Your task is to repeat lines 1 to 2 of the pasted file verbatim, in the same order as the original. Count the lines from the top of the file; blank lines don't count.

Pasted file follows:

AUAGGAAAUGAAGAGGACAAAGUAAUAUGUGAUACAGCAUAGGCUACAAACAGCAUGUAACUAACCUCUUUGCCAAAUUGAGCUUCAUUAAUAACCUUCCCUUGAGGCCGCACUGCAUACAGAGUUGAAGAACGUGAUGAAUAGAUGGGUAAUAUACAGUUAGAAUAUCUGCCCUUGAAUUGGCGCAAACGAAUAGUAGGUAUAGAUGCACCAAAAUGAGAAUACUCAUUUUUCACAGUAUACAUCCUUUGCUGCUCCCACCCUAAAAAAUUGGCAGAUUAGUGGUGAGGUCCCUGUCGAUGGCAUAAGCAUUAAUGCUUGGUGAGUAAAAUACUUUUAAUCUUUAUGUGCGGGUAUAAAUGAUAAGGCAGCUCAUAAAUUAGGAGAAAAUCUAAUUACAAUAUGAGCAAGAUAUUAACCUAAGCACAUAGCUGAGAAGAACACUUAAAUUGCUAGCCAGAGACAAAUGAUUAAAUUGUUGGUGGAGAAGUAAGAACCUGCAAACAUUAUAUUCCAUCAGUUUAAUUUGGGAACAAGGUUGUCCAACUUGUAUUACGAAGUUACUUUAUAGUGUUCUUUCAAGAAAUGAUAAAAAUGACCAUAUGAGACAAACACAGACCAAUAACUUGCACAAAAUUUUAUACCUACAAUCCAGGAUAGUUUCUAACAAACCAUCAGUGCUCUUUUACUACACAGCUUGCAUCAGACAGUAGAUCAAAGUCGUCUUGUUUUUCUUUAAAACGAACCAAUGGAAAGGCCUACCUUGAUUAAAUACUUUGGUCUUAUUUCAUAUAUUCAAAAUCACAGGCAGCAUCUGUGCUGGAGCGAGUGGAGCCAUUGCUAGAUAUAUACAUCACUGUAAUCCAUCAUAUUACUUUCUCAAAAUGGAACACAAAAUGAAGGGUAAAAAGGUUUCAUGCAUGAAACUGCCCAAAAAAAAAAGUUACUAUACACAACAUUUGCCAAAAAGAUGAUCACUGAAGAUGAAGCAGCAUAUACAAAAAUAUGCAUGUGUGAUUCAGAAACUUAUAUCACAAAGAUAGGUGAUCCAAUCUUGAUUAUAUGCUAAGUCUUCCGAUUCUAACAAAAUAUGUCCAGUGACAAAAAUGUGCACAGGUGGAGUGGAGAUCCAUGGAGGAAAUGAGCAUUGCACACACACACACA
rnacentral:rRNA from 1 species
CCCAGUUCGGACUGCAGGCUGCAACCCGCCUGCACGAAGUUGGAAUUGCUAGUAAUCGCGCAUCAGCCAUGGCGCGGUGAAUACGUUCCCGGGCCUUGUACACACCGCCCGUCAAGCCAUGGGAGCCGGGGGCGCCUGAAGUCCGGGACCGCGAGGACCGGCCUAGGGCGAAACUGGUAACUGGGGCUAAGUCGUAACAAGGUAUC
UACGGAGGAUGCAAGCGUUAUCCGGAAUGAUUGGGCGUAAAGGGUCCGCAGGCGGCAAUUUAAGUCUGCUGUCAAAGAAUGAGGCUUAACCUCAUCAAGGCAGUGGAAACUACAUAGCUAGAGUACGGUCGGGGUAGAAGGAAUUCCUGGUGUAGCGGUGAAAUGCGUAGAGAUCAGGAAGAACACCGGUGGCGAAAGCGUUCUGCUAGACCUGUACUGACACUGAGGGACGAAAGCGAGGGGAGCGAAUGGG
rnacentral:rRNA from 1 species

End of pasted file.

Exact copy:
AUAGGAAAUGAAGAGGACAAAGUAAUAUGUGAUACAGCAUAGGCUACAAACAGCAUGUAACUAACCUCUUUGCCAAAUUGAGCUUCAUUAAUAACCUUCCCUUGAGGCCGCACUGCAUACAGAGUUGAAGAACGUGAUGAAUAGAUGGGUAAUAUACAGUUAGAAUAUCUGCCCUUGAAUUGGCGCAAACGAAUAGUAGGUAUAGAUGCACCAAAAUGAGAAUACUCAUUUUUCACAGUAUACAUCCUUUGCUGCUCCCACCCUAAAAAAUUGGCAGAUUAGUGGUGAGGUCCCUGUCGAUGGCAUAAGCAUUAAUGCUUGGUGAGUAAAAUACUUUUAAUCUUUAUGUGCGGGUAUAAAUGAUAAGGCAGCUCAUAAAUUAGGAGAAAAUCUAAUUACAAUAUGAGCAAGAUAUUAACCUAAGCACAUAGCUGAGAAGAACACUUAAAUUGCUAGCCAGAGACAAAUGAUUAAAUUGUUGGUGGAGAAGUAAGAACCUGCAAACAUUAUAUUCCAUCAGUUUAAUUUGGGAACAAGGUUGUCCAACUUGUAUUACGAAGUUACUUUAUAGUGUUCUUUCAAGAAAUGAUAAAAAUGACCAUAUGAGACAAACACAGACCAAUAACUUGCACAAAAUUUUAUACCUACAAUCCAGGAUAGUUUCUAACAAACCAUCAGUGCUCUUUUACUACACAGCUUGCAUCAGACAGUAGAUCAAAGUCGUCUUGUUUUUCUUUAAAACGAACCAAUGGAAAGGCCUACCUUGAUUAAAUACUUUGGUCUUAUUUCAUAUAUUCAAAAUCACAGGCAGCAUCUGUGCUGGAGCGAGUGGAGCCAUUGCUAGAUAUAUACAUCACUGUAAUCCAUCAUAUUACUUUCUCAAAAUGGAACACAAAAUGAAGGGUAAAAAGGUUUCAUGCAUGAAACUGCCCAAAAAAAAAAGUUACUAUACACAACAUUUGCCAAAAAGAUGAUCACUGAAGAUGAAGCAGCAUAUACAAAAAUAUGCAUGUGUGAUUCAGAAACUUAUAUCACAAAGAUAGGUGAUCCAAUCUUGAUUAUAUGCUAAGUCUUCCGAUUCUAACAAAAUAUGUCCAGUGACAAAAAUGUGCACAGGUGGAGUGGAGAUCCAUGGAGGAAAUGAGCAUUGCACACACACACACA
rnacentral:rRNA from 1 species